Kotak Mahindra Bank: Deal and after

Updated: February 4, 2015 1:01 PM

RoA of merged entity may lag standalone Kotak Bank in the near to medium term

Kotak Mahindra  Bank

Rating: Overweight

Kotak announced on November 20 that it is set to acquire ING Vysya Bank at a share swap ratio of 725:1000, subject to requisite approvals. This implies a valuation of R160 bn for Vysya Bank, equating to 1.9x FY16e (estimates) consensus book and an 11% premium to the closing price on the day prior to the announcement. A strong presence in the south and a CASA (current account savings account) franchise is what Vysya Bank offers to Kotak in the pending deal.

Pro forma fair value range: Our sensitivity analysis examines the fair value range of the merged entity (Kotak-merged) after factoring in the potential costs and benefits of the pending acquisition, of R1,188-1,484 per share. Based on a pro forma fair value between our bull and bear case (R1,364) the difference to our target price would be 18%.

Kotak

Potential synergies: The two most significant synergies we expect include fee income potential and cost savings on branch expansion, both adding 15 bp to RoA (return on assets) by FY17e, or about 10-15% of Kotak Bank’s standalone earnings and even higher over the medium term after completion of the integration process. Other synergies include the potential for higher savings account deposits and a potentially higher mix of retail loans.

Acquisition challenges: Upfront costs of the merger (legal, rebranding, technology, etc.) are likely to weigh on near-term profitability. The impact of higher provisioning on Vysya’s book and higher costs of savings deposits will likely peak in FY16e (with the latter partly offset by a higher SA mix), resulting in an adverse impact of 10 bp of assets—10% of Kotak Bank’s earnings. Cultural differences may impact productivity as well.

Kotak1

Change in shareholding pattern: We would expect the pending acquisition to help reduce promoter stakes from 40% to 34%. While the total foreign ownership in KMB will increase from 42.5% to 47.0%, FII ownership will dip from 34.6 to 33.6%. ING Groep has voluntarily agreed to hold its stake (6.5%) in the merged entity for a year.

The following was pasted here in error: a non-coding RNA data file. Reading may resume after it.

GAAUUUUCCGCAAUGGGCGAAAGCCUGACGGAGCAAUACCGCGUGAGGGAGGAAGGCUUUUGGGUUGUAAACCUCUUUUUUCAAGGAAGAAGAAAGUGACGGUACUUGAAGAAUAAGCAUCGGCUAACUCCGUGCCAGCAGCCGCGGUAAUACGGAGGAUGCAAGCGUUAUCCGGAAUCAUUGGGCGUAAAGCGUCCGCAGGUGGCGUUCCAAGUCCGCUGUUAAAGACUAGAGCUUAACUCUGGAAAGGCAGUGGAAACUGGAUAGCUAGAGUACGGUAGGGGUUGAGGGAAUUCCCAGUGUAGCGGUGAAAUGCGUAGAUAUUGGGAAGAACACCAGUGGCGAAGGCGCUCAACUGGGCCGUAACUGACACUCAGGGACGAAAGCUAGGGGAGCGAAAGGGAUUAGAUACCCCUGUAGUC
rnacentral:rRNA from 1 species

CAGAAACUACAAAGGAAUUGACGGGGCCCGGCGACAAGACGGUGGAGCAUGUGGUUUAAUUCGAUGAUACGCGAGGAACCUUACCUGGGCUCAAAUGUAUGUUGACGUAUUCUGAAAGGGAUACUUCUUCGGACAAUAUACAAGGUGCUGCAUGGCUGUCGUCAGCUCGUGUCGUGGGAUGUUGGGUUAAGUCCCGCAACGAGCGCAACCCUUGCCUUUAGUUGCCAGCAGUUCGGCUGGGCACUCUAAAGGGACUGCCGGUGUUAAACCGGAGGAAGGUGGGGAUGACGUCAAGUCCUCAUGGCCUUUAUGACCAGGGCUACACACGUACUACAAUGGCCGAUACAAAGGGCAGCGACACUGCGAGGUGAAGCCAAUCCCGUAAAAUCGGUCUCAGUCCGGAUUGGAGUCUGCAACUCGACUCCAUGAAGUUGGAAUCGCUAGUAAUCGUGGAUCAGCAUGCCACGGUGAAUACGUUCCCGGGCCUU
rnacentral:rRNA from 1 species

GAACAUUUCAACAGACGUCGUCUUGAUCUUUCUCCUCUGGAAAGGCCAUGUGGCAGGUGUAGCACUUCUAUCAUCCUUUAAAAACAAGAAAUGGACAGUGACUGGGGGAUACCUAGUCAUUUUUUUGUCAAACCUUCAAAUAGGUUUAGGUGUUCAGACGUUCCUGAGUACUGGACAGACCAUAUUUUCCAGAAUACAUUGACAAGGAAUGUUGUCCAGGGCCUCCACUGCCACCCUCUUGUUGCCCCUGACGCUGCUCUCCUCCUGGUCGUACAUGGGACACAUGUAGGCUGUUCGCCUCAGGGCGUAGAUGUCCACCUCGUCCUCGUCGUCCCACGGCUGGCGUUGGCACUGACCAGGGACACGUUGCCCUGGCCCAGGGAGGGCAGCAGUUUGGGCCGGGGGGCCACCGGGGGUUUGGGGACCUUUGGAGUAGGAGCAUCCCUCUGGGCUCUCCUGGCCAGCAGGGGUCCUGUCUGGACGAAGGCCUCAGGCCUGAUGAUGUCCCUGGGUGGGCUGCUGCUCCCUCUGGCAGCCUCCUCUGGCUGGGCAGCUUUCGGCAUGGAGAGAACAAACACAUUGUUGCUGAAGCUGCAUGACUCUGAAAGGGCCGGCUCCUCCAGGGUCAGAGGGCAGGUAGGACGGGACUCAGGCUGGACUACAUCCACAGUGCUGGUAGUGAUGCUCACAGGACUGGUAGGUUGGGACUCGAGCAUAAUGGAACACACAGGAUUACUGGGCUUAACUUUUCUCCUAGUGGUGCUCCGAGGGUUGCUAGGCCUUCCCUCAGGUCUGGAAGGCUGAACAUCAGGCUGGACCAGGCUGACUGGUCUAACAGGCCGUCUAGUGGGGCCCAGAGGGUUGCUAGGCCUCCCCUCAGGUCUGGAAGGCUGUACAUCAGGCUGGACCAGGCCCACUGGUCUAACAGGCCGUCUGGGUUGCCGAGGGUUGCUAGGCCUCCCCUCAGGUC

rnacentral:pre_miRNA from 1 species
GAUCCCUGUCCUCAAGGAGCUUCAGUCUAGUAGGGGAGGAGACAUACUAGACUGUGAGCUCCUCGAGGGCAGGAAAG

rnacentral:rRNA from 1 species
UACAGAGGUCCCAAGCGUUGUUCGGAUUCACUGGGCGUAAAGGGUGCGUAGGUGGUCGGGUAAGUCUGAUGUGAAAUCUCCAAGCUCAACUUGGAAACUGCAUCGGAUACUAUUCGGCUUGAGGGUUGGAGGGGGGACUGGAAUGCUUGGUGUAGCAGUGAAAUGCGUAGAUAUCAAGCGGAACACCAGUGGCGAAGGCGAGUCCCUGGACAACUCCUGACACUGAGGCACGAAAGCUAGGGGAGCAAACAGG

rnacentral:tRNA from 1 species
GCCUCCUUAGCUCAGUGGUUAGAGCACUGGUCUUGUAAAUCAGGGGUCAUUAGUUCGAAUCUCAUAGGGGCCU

Valuation: KMB (standalone) now trades at a 12-month forward P/AB (price-to-book ratio) of 4.7x versus its five-year average of 3.1x. Based on a sustainable RoE (return on equity) of 23.4%, we arrive at a target multiple of 4x using a single-stage Gordon growth model. Our TP of R1,253 includes a value of R339 per share for the subsidiaries.

Downside risks to our view are continuing weak macro and low leverage.

Synergy scenarios

Vysya Bank would be merged into Kotak once the companies have obtained all requisite approvals, which could take until the end of FY15 per management. In the scenario of the merger taking place we have attempted to take a look at the merged entity (Kotak-merged) after factoring in potential costs and benefits due to the merger to get a better sense of the impact on RoA arising from the union. Our analysis suggests that the pro forma fair value range of the Kotak-merged could lie between R1,188-1,484 per share.

P&L impact: We describe below the incremental impact of the merger on key parameters based on our scenario analysis for Kotak merged.
Margins: Re-pricing of existing Vysya Bank savings account deposits could negatively impact margins but also would be partly offset by both higher SA in funding mix as well as higher retail loan mix (tractor loans in which KMB has a significant presence).